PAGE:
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Placid expects eminent domain procedure to resume in January

LAKE PLACID — This village’s officials anticipate the next step in its eminent domain process with the Adirondack Experience museum will be in January, though there won’t be a definitive date set any time soon.

Mayor Craig Randall added that the village and its Clifton Park attorney Patrick Seely are confident they will win. The museum sued over the village’s handling of its eminent domain proceeding to seize the museum’s property on Main Street. In a separate suit, the museum contests a reassessment of its property that brought its value down. Under eminent domain, a municipality must pay market value for a property as determined by a judge.

“The museum has until the end of August to submit their issues with our process,” Randall said. “We then get a month to respond to those.”

Randall added that if the court rules against the village, officials will need to re-start the eminent domain process.

“Discussions that I’ve had with counsel handling that is we appear to be in good condition and the appeal on the part of the property owner may be nothing but an effort to delay the project.”

The Blue Mountain Lake institution, formerly known as the Adirondack Museum, asserts there were procedural flaws in the village’s legal steps to acquire the property and that the village failed to demonstrate a need for taking the two parcels at 2476 and 2478 Main St., next to two parking lots the village owns. Village officials want to build a 250-space garage on those two adjacent lots.

The museum contends a required eminent domain board meeting was held one day after the expiration of the required 90-day period. The museum also claims the village didn’t hold a proper public hearing on the environmental impact of the proposed garage project.

Other projects

The parking garage is part of a planned downtown reconstruction, several elements of which Randall also elaborated on at the village’s regularly scheduled board meeting Monday.

He said milling of Parkside and Mirror Lake drives, where the village installed new sidewalk earlier this summer, will wait until next spring, to give the ground there time to settle.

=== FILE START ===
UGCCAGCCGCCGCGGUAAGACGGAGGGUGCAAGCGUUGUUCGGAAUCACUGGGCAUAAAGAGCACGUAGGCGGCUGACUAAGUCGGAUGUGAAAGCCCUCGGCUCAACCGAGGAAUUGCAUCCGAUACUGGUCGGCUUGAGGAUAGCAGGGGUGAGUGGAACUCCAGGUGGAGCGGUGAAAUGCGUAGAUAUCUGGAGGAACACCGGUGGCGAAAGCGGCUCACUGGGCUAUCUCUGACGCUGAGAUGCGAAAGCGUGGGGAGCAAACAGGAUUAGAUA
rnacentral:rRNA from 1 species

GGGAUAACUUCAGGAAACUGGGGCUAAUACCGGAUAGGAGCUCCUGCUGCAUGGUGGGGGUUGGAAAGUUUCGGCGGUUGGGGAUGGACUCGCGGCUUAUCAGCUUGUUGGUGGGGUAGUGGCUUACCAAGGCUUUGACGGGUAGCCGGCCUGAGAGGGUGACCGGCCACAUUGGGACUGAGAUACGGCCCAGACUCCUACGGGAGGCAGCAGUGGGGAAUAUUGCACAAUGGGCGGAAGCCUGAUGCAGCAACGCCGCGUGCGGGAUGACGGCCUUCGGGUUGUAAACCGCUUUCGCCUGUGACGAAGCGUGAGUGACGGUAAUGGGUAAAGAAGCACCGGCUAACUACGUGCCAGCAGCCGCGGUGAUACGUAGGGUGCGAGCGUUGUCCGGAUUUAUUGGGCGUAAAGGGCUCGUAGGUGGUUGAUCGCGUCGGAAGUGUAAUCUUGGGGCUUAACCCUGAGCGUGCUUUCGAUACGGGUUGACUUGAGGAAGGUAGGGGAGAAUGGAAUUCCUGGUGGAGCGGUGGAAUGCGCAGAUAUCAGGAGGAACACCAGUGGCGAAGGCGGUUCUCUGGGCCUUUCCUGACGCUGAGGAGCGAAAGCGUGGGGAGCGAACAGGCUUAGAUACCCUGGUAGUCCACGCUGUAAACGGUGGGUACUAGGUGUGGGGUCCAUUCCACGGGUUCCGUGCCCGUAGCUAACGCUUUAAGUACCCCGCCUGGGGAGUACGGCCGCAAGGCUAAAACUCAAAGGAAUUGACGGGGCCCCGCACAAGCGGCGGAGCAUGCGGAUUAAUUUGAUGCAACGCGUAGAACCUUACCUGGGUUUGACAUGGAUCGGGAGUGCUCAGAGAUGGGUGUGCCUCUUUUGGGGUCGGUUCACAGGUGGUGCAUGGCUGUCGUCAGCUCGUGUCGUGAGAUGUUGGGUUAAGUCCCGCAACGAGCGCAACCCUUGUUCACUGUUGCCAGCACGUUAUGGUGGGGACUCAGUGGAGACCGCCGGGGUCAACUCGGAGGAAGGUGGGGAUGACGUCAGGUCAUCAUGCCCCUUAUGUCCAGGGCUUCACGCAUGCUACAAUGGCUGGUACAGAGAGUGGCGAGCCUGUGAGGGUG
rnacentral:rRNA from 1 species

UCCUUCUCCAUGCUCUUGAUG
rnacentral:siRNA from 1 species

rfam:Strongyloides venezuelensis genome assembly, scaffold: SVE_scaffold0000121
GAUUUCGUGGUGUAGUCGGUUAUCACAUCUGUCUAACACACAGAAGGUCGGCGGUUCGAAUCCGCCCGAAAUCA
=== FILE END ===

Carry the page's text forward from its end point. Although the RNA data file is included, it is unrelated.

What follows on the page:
Randall added that the village will reseed the soil around that project, as he and village attorney Janet Bliss described the look as that of weeds. It’ll be of no cost to the village, he added.

“It’s terrible,” Trustee Peter Holderied said.

Randall also said the village’s electric department continues to bury electric lines underground on Parkside Drive between the intersection of Mirror Lake Drive and the post office on Main Street.

“Some heavy-duty lines are now under the ground, that feed the back side of the Adirondack Inn,” Randall said.

“There is quite a bit more work for our electric department to do along the Parkside section of the beach park,” he added.

Holderied added the existing sidewalk there will be ripped up after the Sept. 10 Ironman 70.3-mile triathlon.

Randall also reported that final information for the village’s planned Main Street sewer project has been submitted to the state Department of Environmental Conservation, with an accompanying application to the state Department of Transportation to follow.

The village’s plans require permits to open up Main Street from the intersection with Saranac Avenue southward to Mid’s Park.

“Where we may need to make some different connections in that sewer line,” Randall said. “We don’t expect any visible construction, digging or opening of that, until the spring which includes the Lake House property, which will be opened up as well because of this.”

Holderied added that the project will result in the blocking of at least one lane of traffic on Main Street.

Randall said the village expects bids on the process as early as September.

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